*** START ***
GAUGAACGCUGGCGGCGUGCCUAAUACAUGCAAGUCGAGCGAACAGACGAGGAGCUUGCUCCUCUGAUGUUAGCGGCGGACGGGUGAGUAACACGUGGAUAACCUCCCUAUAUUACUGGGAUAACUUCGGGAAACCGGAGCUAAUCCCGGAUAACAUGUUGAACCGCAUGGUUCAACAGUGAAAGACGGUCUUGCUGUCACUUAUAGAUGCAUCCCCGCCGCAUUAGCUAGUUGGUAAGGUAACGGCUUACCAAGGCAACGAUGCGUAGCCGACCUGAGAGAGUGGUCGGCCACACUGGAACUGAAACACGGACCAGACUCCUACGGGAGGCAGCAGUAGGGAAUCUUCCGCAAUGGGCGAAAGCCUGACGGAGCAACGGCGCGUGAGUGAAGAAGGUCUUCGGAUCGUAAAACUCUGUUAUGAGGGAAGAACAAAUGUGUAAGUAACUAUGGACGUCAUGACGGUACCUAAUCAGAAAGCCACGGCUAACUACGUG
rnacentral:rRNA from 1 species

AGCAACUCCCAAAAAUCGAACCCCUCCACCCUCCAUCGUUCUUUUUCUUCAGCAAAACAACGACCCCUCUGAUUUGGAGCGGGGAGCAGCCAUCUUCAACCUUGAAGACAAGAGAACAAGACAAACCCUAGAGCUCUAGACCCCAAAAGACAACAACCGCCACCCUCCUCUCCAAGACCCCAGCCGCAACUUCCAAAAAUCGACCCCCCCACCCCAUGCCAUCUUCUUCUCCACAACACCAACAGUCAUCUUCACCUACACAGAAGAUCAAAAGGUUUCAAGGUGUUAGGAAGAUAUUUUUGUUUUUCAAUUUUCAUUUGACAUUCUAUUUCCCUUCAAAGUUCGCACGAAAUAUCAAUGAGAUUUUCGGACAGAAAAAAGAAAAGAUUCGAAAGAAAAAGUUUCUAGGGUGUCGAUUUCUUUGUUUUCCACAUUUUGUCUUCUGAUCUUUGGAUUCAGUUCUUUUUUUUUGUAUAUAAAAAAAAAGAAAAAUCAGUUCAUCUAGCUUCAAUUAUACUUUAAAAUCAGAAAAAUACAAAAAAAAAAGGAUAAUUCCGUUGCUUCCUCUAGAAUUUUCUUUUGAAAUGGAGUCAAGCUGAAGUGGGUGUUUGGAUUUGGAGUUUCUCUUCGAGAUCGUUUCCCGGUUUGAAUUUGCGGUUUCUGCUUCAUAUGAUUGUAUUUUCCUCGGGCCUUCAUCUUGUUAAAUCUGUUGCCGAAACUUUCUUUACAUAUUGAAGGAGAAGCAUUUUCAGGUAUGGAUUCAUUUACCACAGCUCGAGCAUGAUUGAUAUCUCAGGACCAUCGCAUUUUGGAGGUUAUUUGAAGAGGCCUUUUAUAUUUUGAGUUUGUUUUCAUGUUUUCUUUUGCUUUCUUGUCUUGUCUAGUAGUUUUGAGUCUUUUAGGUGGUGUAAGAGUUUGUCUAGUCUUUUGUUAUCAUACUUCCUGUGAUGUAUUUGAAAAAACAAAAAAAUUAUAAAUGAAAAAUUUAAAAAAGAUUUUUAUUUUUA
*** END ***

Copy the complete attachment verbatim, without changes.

GAUGAACGCUGGCGGCGUGCCUAAUACAUGCAAGUCGAGCGAACAGACGAGGAGCUUGCUCCUCUGAUGUUAGCGGCGGACGGGUGAGUAACACGUGGAUAACCUCCCUAUAUUACUGGGAUAACUUCGGGAAACCGGAGCUAAUCCCGGAUAACAUGUUGAACCGCAUGGUUCAACAGUGAAAGACGGUCUUGCUGUCACUUAUAGAUGCAUCCCCGCCGCAUUAGCUAGUUGGUAAGGUAACGGCUUACCAAGGCAACGAUGCGUAGCCGACCUGAGAGAGUGGUCGGCCACACUGGAACUGAAACACGGACCAGACUCCUACGGGAGGCAGCAGUAGGGAAUCUUCCGCAAUGGGCGAAAGCCUGACGGAGCAACGGCGCGUGAGUGAAGAAGGUCUUCGGAUCGUAAAACUCUGUUAUGAGGGAAGAACAAAUGUGUAAGUAACUAUGGACGUCAUGACGGUACCUAAUCAGAAAGCCACGGCUAACUACGUG
rnacentral:rRNA from 1 species

AGCAACUCCCAAAAAUCGAACCCCUCCACCCUCCAUCGUUCUUUUUCUUCAGCAAAACAACGACCCCUCUGAUUUGGAGCGGGGAGCAGCCAUCUUCAACCUUGAAGACAAGAGAACAAGACAAACCCUAGAGCUCUAGACCCCAAAAGACAACAACCGCCACCCUCCUCUCCAAGACCCCAGCCGCAACUUCCAAAAAUCGACCCCCCCACCCCAUGCCAUCUUCUUCUCCACAACACCAACAGUCAUCUUCACCUACACAGAAGAUCAAAAGGUUUCAAGGUGUUAGGAAGAUAUUUUUGUUUUUCAAUUUUCAUUUGACAUUCUAUUUCCCUUCAAAGUUCGCACGAAAUAUCAAUGAGAUUUUCGGACAGAAAAAAGAAAAGAUUCGAAAGAAAAAGUUUCUAGGGUGUCGAUUUCUUUGUUUUCCACAUUUUGUCUUCUGAUCUUUGGAUUCAGUUCUUUUUUUUUGUAUAUAAAAAAAAAGAAAAAUCAGUUCAUCUAGCUUCAAUUAUACUUUAAAAUCAGAAAAAUACAAAAAAAAAAGGAUAAUUCCGUUGCUUCCUCUAGAAUUUUCUUUUGAAAUGGAGUCAAGCUGAAGUGGGUGUUUGGAUUUGGAGUUUCUCUUCGAGAUCGUUUCCCGGUUUGAAUUUGCGGUUUCUGCUUCAUAUGAUUGUAUUUUCCUCGGGCCUUCAUCUUGUUAAAUCUGUUGCCGAAACUUUCUUUACAUAUUGAAGGAGAAGCAUUUUCAGGUAUGGAUUCAUUUACCACAGCUCGAGCAUGAUUGAUAUCUCAGGACCAUCGCAUUUUGGAGGUUAUUUGAAGAGGCCUUUUAUAUUUUGAGUUUGUUUUCAUGUUUUCUUUUGCUUUCUUGUCUUGUCUAGUAGUUUUGAGUCUUUUAGGUGGUGUAAGAGUUUGUCUAGUCUUUUGUUAUCAUACUUCCUGUGAUGUAUUUGAAAAAACAAAAAAAUUAUAAAUGAAAAAUUUAAAAAAGAUUUUUAUUUUUA